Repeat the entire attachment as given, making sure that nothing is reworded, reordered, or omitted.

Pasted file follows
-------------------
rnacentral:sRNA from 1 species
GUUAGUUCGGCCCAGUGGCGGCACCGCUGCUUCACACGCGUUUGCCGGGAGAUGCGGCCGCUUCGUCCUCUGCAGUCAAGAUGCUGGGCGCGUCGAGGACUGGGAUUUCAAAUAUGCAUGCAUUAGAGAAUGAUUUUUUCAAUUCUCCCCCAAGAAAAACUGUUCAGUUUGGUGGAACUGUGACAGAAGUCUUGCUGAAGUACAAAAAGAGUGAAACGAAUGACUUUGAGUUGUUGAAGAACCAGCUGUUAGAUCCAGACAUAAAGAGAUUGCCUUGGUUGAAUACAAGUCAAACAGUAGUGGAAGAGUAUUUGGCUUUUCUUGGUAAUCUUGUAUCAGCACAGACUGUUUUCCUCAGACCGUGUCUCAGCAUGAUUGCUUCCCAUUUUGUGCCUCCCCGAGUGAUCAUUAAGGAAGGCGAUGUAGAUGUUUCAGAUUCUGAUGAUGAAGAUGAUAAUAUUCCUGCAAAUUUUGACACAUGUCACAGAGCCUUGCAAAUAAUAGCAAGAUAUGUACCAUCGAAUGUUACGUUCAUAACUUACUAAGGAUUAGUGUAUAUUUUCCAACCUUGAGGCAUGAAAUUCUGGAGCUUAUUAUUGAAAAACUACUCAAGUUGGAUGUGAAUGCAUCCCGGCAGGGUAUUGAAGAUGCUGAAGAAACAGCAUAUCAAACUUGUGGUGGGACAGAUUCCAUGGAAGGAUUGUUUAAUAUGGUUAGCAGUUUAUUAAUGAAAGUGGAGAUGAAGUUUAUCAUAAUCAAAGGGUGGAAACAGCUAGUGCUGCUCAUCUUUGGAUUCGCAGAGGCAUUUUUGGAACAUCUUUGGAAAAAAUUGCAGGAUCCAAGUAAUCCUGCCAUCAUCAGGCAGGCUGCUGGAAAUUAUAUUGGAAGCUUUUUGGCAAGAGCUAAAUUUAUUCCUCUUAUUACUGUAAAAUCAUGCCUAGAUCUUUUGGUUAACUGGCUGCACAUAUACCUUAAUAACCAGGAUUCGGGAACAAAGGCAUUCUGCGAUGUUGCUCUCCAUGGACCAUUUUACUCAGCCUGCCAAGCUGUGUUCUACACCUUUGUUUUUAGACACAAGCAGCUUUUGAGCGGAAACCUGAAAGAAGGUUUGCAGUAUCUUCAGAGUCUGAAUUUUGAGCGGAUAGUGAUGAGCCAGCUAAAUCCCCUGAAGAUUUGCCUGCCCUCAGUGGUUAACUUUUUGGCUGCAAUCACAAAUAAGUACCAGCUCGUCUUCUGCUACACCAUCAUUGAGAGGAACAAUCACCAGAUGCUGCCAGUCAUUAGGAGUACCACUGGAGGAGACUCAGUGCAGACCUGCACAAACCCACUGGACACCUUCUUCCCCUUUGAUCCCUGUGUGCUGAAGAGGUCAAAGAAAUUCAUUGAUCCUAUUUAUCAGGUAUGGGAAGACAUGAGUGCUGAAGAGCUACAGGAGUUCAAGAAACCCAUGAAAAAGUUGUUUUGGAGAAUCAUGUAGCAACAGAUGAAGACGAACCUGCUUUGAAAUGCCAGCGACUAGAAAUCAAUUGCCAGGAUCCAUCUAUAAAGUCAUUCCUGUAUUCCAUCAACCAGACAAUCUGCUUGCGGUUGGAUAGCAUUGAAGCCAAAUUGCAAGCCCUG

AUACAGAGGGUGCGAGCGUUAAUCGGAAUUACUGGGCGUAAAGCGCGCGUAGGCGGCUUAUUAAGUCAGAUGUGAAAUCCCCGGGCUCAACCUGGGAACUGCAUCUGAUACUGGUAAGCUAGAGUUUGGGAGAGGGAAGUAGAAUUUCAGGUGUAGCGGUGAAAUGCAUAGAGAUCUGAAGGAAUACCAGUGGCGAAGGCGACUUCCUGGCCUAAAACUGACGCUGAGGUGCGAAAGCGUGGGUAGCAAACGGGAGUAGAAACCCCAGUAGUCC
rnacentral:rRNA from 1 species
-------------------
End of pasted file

rnacentral:sRNA from 1 species
GUUAGUUCGGCCCAGUGGCGGCACCGCUGCUUCACACGCGUUUGCCGGGAGAUGCGGCCGCUUCGUCCUCUGCAGUCAAGAUGCUGGGCGCGUCGAGGACUGGGAUUUCAAAUAUGCAUGCAUUAGAGAAUGAUUUUUUCAAUUCUCCCCCAAGAAAAACUGUUCAGUUUGGUGGAACUGUGACAGAAGUCUUGCUGAAGUACAAAAAGAGUGAAACGAAUGACUUUGAGUUGUUGAAGAACCAGCUGUUAGAUCCAGACAUAAAGAGAUUGCCUUGGUUGAAUACAAGUCAAACAGUAGUGGAAGAGUAUUUGGCUUUUCUUGGUAAUCUUGUAUCAGCACAGACUGUUUUCCUCAGACCGUGUCUCAGCAUGAUUGCUUCCCAUUUUGUGCCUCCCCGAGUGAUCAUUAAGGAAGGCGAUGUAGAUGUUUCAGAUUCUGAUGAUGAAGAUGAUAAUAUUCCUGCAAAUUUUGACACAUGUCACAGAGCCUUGCAAAUAAUAGCAAGAUAUGUACCAUCGAAUGUUACGUUCAUAACUUACUAAGGAUUAGUGUAUAUUUUCCAACCUUGAGGCAUGAAAUUCUGGAGCUUAUUAUUGAAAAACUACUCAAGUUGGAUGUGAAUGCAUCCCGGCAGGGUAUUGAAGAUGCUGAAGAAACAGCAUAUCAAACUUGUGGUGGGACAGAUUCCAUGGAAGGAUUGUUUAAUAUGGUUAGCAGUUUAUUAAUGAAAGUGGAGAUGAAGUUUAUCAUAAUCAAAGGGUGGAAACAGCUAGUGCUGCUCAUCUUUGGAUUCGCAGAGGCAUUUUUGGAACAUCUUUGGAAAAAAUUGCAGGAUCCAAGUAAUCCUGCCAUCAUCAGGCAGGCUGCUGGAAAUUAUAUUGGAAGCUUUUUGGCAAGAGCUAAAUUUAUUCCUCUUAUUACUGUAAAAUCAUGCCUAGAUCUUUUGGUUAACUGGCUGCACAUAUACCUUAAUAACCAGGAUUCGGGAACAAAGGCAUUCUGCGAUGUUGCUCUCCAUGGACCAUUUUACUCAGCCUGCCAAGCUGUGUUCUACACCUUUGUUUUUAGACACAAGCAGCUUUUGAGCGGAAACCUGAAAGAAGGUUUGCAGUAUCUUCAGAGUCUGAAUUUUGAGCGGAUAGUGAUGAGCCAGCUAAAUCCCCUGAAGAUUUGCCUGCCCUCAGUGGUUAACUUUUUGGCUGCAAUCACAAAUAAGUACCAGCUCGUCUUCUGCUACACCAUCAUUGAGAGGAACAAUCACCAGAUGCUGCCAGUCAUUAGGAGUACCACUGGAGGAGACUCAGUGCAGACCUGCACAAACCCACUGGACACCUUCUUCCCCUUUGAUCCCUGUGUGCUGAAGAGGUCAAAGAAAUUCAUUGAUCCUAUUUAUCAGGUAUGGGAAGACAUGAGUGCUGAAGAGCUACAGGAGUUCAAGAAACCCAUGAAAAAGUUGUUUUGGAGAAUCAUGUAGCAACAGAUGAAGACGAACCUGCUUUGAAAUGCCAGCGACUAGAAAUCAAUUGCCAGGAUCCAUCUAUAAAGUCAUUCCUGUAUUCCAUCAACCAGACAAUCUGCUUGCGGUUGGAUAGCAUUGAAGCCAAAUUGCAAGCCCUG

AUACAGAGGGUGCGAGCGUUAAUCGGAAUUACUGGGCGUAAAGCGCGCGUAGGCGGCUUAUUAAGUCAGAUGUGAAAUCCCCGGGCUCAACCUGGGAACUGCAUCUGAUACUGGUAAGCUAGAGUUUGGGAGAGGGAAGUAGAAUUUCAGGUGUAGCGGUGAAAUGCAUAGAGAUCUGAAGGAAUACCAGUGGCGAAGGCGACUUCCUGGCCUAAAACUGACGCUGAGGUGCGAAAGCGUGGGUAGCAAACGGGAGUAGAAACCCCAGUAGUCC
rnacentral:rRNA from 1 species